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The most common form of imagery in this poem is visual imagery, where the words in the poem invoke images in your mind that you can visualize, for example.
"On either side the river lie
Long fields of barley and of rye,
That clothe the wold and meet the sky;" (Tennyson)
"This poem starts off by giving a visual overview of the situation. The reader is shown the river and the road, and, far in the distance, the towers of Camelot."
It is easy to imagine the location described in the lines above. They also contain figures of speech or literary terms. The "wold" or the world is given human qualities, such as wearing clothes, so this is personification. What clothes the world are long fields of barley and rye.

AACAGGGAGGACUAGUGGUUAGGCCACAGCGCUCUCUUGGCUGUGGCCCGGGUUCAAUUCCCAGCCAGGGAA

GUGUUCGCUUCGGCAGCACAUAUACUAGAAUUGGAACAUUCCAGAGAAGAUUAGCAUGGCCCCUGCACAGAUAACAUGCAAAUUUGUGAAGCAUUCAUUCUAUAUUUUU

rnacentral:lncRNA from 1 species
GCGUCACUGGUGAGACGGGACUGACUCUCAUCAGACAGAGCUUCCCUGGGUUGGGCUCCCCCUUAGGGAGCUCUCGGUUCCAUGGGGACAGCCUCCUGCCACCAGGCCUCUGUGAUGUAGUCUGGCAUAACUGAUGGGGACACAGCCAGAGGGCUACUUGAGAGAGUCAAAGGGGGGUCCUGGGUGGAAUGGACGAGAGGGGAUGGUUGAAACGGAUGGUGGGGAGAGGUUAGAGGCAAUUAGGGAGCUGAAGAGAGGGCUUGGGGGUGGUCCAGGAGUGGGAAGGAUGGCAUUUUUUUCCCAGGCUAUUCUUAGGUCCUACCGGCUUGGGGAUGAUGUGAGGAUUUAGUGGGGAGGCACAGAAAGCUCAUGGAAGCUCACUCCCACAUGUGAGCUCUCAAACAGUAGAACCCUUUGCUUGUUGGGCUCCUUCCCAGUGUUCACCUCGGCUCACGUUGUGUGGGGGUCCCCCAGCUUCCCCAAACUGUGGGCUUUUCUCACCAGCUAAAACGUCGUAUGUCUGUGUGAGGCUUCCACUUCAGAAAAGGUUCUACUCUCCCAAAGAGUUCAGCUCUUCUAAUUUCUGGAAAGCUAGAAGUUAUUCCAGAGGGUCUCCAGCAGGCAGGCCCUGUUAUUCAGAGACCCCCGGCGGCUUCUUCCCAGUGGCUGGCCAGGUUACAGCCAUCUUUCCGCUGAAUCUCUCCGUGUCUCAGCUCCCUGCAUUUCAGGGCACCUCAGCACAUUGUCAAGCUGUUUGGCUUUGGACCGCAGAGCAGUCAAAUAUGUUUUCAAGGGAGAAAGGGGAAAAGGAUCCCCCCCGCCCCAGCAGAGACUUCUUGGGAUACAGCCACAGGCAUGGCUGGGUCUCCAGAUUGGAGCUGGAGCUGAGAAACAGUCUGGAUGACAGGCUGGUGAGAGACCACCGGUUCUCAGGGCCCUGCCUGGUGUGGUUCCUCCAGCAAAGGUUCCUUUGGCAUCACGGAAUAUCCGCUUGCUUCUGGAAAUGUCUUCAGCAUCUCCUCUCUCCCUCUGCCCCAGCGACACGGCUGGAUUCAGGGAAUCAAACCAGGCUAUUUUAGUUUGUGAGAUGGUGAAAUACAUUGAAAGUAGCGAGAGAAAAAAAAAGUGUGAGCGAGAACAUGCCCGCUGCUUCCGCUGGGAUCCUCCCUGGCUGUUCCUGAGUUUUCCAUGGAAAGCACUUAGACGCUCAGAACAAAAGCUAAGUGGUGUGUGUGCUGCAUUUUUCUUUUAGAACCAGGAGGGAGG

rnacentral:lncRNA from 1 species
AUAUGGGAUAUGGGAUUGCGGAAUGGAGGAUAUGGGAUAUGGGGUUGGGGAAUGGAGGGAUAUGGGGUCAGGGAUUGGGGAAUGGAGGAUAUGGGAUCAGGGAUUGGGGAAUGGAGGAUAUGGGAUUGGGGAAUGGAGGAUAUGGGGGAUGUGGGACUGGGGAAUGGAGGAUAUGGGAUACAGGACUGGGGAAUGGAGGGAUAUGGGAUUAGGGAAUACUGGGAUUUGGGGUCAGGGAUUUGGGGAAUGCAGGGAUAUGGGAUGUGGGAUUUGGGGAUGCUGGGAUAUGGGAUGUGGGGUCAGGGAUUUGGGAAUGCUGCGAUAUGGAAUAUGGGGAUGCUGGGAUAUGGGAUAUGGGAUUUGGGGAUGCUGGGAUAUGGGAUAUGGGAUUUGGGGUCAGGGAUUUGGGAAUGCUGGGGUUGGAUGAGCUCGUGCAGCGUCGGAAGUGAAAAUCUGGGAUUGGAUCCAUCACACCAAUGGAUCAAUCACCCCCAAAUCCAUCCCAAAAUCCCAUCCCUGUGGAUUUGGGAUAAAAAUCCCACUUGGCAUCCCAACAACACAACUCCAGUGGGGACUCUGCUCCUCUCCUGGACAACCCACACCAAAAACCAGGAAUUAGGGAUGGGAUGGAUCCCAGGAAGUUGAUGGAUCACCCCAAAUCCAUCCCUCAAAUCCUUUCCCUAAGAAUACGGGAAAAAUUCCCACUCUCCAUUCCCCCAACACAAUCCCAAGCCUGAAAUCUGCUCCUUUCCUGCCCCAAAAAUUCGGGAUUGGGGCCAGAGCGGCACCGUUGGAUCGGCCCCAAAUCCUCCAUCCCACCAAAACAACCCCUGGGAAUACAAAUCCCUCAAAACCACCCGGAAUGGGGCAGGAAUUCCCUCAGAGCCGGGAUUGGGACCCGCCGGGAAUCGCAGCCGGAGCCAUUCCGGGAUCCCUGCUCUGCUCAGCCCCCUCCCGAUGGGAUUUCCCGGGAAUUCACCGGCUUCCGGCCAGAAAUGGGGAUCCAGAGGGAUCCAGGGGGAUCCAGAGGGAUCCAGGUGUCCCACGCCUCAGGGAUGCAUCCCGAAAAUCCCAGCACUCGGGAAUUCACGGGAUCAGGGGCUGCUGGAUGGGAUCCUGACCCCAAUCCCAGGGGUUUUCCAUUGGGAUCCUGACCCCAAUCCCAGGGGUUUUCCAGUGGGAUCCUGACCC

There is also evidence in the poem of Auditory Imagery, where the words create the image of sounds. For example:
"As he rode down to Camelot.
From the bank and from the river
He flashed into the crystal mirror,
"Tirra lirra," by the river
Sang Sir Lancelot." (Tennyson)
When the Lady speaks, she is talking to no one, there is no one present, she speaks to her surroundings, this is a form of apostrophe, when you address something or someone who is not there.
"Or when the Moon was overhead,
Came two young lovers lately wed.
"I am half sick of shadows," said
The Lady of Shalott." (Tennyson)
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